West Nile Virus Detected in South Bay; Spraying Scheduled - NBC Bay Area
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West Nile Virus Detected in South Bay; Spraying Scheduled

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    West Nile Virus Detected in South Bay; Spraying Scheduled

    West Nile virus has been detected in areas of Sunnyvale and Santa Clara by the Santa Clara County Vector Control District, which monitors human diseases that are transmitted by parasites, viruses and bacteria.

    The manager for the vector control district, Nayer Zahiri, said there have never been any fatal cases of West Nile virus in Santa Clara County, and human cases of the virus have been dropping in recent years.

    Two dead American crows tested positive for the disease in the last week, and officials were able to trap and test mosquitoes in the area.

    County officials said truck-mounted adult mosquito control treatment will begin in the affected areas, which include the 94085, 95051 and 95054 ZIP codes, centered in the area of Central Expressway and Semiconductor Drive in Santa Clara next to Sunnyvale.

    The treatment will begin at 11 p.m. Thursday and last about three hours, according to county officials. Residents do not need to leave their homes during the treatment but may wish to close windows and doors to avoid possible chemical sensitivity.

    According to Zahiri, there were no human cases in Santa Clara County in 2017, but there was one in 2016, eight in 2015 and 10 at a peak in 2014. She attributed the high numbers in 2014 to very dry weather, saying birds are more likely to contract the disease when sharing limited water sources with mosquitoes.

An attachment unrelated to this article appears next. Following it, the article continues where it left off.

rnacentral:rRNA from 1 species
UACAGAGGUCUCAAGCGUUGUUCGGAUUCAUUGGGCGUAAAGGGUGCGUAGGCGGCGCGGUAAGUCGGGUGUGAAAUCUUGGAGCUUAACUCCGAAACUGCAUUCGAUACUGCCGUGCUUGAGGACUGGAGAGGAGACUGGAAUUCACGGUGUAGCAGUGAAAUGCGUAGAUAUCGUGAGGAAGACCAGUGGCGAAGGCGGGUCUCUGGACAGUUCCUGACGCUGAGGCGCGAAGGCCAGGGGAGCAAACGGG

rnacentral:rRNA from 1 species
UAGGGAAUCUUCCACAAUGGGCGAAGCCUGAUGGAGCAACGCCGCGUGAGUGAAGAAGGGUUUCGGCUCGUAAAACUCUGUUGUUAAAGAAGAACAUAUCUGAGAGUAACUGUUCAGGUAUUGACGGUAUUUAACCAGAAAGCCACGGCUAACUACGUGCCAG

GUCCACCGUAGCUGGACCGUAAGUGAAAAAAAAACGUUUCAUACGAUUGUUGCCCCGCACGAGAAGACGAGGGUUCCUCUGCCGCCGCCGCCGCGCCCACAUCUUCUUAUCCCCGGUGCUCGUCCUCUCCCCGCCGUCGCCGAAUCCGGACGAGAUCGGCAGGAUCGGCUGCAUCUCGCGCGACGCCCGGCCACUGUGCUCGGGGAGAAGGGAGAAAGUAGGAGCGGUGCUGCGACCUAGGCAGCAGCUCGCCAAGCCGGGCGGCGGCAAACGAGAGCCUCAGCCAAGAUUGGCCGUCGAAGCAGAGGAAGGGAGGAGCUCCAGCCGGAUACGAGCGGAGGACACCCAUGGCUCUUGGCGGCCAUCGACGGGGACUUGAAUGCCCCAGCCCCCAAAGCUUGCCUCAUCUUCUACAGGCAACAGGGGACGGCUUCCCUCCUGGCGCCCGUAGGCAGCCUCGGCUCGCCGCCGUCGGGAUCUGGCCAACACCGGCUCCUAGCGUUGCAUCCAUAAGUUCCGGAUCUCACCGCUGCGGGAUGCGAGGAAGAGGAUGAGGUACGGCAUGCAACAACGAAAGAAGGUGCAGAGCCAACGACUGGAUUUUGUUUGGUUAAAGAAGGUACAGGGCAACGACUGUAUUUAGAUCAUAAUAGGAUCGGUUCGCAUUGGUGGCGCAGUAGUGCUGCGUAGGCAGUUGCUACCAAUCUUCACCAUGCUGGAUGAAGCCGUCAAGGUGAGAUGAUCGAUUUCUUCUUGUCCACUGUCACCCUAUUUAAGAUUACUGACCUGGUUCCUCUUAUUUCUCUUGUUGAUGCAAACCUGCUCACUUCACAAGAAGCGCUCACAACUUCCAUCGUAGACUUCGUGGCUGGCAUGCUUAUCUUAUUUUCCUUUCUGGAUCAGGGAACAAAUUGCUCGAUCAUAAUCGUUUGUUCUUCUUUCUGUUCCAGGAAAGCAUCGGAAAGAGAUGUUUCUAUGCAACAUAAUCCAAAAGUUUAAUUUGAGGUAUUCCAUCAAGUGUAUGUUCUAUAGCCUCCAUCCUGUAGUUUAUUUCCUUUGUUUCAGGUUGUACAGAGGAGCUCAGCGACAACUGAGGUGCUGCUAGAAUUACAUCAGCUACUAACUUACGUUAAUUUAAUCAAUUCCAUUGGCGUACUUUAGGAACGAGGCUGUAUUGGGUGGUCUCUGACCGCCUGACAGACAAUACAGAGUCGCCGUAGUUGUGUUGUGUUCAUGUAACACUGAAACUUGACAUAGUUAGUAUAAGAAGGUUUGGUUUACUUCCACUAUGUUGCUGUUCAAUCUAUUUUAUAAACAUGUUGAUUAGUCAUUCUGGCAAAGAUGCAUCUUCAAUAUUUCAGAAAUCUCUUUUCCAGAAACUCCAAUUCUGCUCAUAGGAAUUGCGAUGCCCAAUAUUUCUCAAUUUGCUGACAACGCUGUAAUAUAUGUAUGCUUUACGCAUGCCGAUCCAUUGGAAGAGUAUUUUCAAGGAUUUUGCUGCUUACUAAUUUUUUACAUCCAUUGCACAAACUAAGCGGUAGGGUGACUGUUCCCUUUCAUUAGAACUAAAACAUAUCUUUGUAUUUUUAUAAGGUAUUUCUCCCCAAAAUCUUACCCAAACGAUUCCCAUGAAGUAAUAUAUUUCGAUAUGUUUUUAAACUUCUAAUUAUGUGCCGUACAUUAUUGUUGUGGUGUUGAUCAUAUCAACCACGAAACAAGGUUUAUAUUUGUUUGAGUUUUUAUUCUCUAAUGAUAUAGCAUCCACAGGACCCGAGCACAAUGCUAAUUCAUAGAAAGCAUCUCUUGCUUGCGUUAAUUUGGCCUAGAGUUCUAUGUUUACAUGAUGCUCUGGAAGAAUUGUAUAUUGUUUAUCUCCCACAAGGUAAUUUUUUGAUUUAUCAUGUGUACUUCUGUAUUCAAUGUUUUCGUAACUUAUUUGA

Zahiri said it's extremely difficult to predict whether the virus will increase or decrease in coming years, but described heat as a large factor in mosquito breeding where water is available.

    West Nile virus first arrived to California in 2003 and 292 people have died in the state due to the disease in the last 15 years, according to county officials. The record year for fatalities in the state was 2015, with 53 deaths.

    Most people who contract the disease do not experience any symptoms, but some have fevers and headaches while severe cases involve neurological damage or death, according to Zahiri.

    County officials said individuals older than 50 with chronic medical conditions like diabetes, cancer or kidney disease are most at risk.

    To avoid contracting the disease from mosquitoes, officials recommended dumping standing water where the bugs can breed, using tight-fitting screen doors and properly using bug repellant. Zahiri said even small containers can have enough water for the bugs to breed.

    Residents can also request free mosquito removal services by calling the county at (408) 918-4770.

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